Fig 2_ Comparison Of Ingredients Of Conventional & Plant-based Meat Products (MeatBall)
Fig. 2: Comparison Of Ingredients Of Conventional & Plant-based Meat Products (MeatBall)

Millets provide a possible solution to the above issues. Millets require far less water and soil fertility to grow, which enables the increase in productivity of lands that have been degraded. They are also largely uncontroversial crops with no major health issues linked to their consumption yet. Additionally, millets have gained a reputation as a ‘superfood’ due to high amounts of dietary fibre and micronutrients. This lends a positive image to products utilizing millets.

Fig. 3 - Millet Based Alternatives To Common Ingredients In Plant-Based Meat
Fig. 3: Millet Based Alternatives to Common Ingredients In Plant-Based Meat

However, the usage of millet comes with several challenges. Millets have naturally low protein content. This leads to requiring more raw material in comparison to sources like legumes or cereals to achieve similar results. In addition to this, the high concentrations of dietary fibres make achieving the ideal textural properties more complicated. There are also several off-flavours present in millets that must be accounted for while processing. All these issues are compounded by the fact that there is very little research or precedent on using millets for this application. Millets have immense potential in the production of plant-based meat analogues. However, we must first strive to overcome the challenges inherent to using millet. This will require more research and testing to successfully attempt. The lack of research also presents an opportunity. The novelty of this field means that almost any progress made can be of great significance.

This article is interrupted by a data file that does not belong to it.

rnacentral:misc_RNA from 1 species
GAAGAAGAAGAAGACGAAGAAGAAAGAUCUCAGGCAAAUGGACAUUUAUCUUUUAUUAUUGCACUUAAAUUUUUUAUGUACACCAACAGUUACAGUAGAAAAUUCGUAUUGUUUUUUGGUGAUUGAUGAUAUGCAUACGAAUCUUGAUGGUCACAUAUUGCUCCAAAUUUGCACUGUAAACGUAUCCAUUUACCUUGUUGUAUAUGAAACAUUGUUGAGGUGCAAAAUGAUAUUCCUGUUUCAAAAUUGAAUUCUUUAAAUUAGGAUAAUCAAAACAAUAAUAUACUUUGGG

About the Authors:
1. Pranav Nanda Kishore
NIFTEM – Thanjavur, Tamil Nadu, India.
2. Santhoshkumar P.
NIFTEM – Thanjavur, Tamil Nadu, India.
3. Dr. R. Mahendran
NIFTEM – Thanjavur, Tamil Nadu, India.
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An editor by day & dreamer at night; passionately involved with both print and digital media; Pet lover; Solo traveller.